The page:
Live Longer: Eat Right, Exercise and Know Your Numbers

Good diet and exercise are the keys to a longer, healthier life, says Dr. Oz.

BySuzan Clarke via via logo
May 02, 2010, 8:11 PM

May 3, 2010— -- With the demands of work, family, and other activities, it's often difficult for people to find the time to exercise and eat right.

Don't make excuses. Dr. Mehmet Oz, physician, talk show host and author, writes in this month's issue of AARP The Magazine that poor diet and lack of exercise can be more harmful than a disease.

As people age, it's more important than ever -- and never too late -- to start following a better lifestyle.

In an appearance today on "Good Morning America," Oz shared six easy steps that you can follow to be more healthy and live longer.

Adults of any age may follow these steps:

Eating fewer calories actually increases the body's efficiency. That's because eating a little less each day will improve cells' effectiveness, enhancing the body's ability to repair itself and thereby increasing longevity, Oz said.

Oz also advised that people eat regular meals throughout the day. Eating that way stabilizes the levels of ghrelin, the hormone that stimulates the appetite.

People pay a lot of attention to the numbers on their scale, but Oz said there many other critical numbers to which people should pay increased attention.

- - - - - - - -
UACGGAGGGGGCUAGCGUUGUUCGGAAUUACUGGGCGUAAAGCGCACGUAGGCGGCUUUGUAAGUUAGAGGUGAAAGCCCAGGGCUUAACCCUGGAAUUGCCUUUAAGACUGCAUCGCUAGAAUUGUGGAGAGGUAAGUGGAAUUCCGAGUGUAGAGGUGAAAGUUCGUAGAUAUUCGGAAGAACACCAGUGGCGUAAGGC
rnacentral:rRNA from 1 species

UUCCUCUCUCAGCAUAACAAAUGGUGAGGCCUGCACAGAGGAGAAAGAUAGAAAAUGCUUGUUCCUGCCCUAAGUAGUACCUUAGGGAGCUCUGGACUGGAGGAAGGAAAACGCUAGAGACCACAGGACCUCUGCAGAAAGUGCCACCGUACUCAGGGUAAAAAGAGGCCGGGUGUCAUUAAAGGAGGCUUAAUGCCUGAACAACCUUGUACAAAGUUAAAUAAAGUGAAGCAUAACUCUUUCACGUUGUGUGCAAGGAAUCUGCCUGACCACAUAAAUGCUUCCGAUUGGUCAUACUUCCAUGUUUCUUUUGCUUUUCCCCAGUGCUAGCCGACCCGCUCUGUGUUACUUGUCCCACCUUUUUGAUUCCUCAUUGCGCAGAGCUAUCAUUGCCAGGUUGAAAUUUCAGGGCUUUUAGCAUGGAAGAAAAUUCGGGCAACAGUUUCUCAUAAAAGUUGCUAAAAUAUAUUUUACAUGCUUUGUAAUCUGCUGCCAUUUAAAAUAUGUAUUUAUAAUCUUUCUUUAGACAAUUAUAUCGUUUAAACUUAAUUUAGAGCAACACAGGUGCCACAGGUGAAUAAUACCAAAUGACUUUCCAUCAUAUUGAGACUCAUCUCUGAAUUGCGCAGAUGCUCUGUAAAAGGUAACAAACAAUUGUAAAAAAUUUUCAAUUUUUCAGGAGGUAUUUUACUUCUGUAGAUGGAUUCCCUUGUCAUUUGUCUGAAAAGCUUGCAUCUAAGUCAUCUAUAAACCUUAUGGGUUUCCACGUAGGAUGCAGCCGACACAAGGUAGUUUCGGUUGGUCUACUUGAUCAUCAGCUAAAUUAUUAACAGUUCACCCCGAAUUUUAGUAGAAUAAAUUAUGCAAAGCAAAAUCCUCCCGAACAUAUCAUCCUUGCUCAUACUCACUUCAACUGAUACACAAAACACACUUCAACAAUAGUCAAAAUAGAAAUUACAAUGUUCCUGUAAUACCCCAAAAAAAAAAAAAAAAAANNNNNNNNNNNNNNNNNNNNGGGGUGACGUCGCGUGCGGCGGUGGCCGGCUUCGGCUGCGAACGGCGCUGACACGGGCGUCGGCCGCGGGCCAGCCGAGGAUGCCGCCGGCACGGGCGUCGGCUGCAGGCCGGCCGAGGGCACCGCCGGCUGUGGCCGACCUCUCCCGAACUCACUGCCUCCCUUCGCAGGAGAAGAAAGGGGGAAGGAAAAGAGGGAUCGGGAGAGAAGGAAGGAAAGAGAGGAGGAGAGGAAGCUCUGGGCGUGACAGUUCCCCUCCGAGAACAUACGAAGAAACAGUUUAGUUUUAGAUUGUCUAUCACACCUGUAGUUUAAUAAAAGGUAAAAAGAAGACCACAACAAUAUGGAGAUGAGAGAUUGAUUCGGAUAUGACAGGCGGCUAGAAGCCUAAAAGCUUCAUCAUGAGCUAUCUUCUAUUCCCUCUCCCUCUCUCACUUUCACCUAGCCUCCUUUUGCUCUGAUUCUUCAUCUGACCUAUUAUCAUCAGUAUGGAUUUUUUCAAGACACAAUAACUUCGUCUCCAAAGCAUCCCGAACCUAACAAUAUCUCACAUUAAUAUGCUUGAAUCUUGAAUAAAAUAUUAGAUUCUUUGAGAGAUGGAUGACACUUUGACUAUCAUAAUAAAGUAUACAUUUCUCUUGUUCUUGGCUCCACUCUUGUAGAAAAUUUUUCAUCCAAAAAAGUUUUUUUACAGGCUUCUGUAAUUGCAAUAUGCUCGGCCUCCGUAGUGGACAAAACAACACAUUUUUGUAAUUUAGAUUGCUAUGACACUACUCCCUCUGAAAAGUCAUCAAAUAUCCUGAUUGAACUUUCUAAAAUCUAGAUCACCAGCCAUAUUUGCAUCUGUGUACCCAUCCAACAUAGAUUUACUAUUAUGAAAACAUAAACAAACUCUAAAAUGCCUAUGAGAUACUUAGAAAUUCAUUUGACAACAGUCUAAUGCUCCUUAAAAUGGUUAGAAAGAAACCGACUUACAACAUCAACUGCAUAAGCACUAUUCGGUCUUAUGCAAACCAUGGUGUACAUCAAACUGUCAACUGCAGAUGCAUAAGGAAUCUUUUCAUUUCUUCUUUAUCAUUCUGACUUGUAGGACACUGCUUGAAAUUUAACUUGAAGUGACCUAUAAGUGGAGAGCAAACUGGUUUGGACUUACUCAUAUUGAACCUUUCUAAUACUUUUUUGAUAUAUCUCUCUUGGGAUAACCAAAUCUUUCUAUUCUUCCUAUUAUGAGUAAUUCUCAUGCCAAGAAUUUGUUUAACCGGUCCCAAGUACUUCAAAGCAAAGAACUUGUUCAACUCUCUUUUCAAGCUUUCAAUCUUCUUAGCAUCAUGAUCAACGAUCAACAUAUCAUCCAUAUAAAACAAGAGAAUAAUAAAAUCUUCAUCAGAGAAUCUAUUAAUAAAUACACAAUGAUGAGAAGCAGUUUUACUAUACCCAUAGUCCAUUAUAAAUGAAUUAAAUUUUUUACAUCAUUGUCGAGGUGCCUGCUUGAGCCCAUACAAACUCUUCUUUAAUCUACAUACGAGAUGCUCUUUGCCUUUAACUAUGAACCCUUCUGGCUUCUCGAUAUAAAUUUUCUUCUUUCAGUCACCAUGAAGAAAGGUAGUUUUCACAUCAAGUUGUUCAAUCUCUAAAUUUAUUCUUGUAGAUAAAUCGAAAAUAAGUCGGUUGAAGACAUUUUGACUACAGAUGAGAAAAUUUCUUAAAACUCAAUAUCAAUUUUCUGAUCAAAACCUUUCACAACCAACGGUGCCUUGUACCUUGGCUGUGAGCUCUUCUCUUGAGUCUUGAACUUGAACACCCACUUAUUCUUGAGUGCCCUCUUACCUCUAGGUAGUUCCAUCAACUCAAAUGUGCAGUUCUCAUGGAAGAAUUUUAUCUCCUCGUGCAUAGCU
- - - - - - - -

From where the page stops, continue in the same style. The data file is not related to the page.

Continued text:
Oz said people should also know their blood pressure, levels of cholesterol (HDL and LDL) and of TSH, the hormone secreted by the thyroid, waist size, and vitamin D blood level.

Here are the optimum levels of the numbers you should know:

Step Three: Exercise More

At the very least, people should be walking 30 minutes a day, Oz said. Once you're comfortable with that -- and have checked with your doctor -- you can add weight-bearing, flexibility and balance exercises to your routine.

Depending on your age, you also should be able to do a specific number of push-ups and sit-ups in one minute. Here is a guide:

Want to know more? Click HERE for a list of medical tests you should have.

Chronic stress -- such as that caused by a micro-managing boss or a troubled teen -- can put your body into long-term hyper-alert, lowering your immunity and making you susceptible to illness, Oz said.

Stress is also caused by unresolved problems, which Oz refers to as NUTS -- for Nagging, Unfinished Tasks. Identify the "Nuts" in your life so they don't become a constant source of anxiety, Oz said.

Ask yourself if there's an untapped passion you have, and figure out what obstacles stand in your way. Once you've done that, Oz advises that you try to get around those obstacles so you can pursue your passion.

The key to success is to incorporate all the steps into your daily routine, Oz said.

Web Extra: Medical Tests You Need

The push-up test is something you can do at home. Depending on your age, you also should be able to do a specific number of push-ups and sit-ups in one minute:

Click here to return to the "Good Morning America" Web site.

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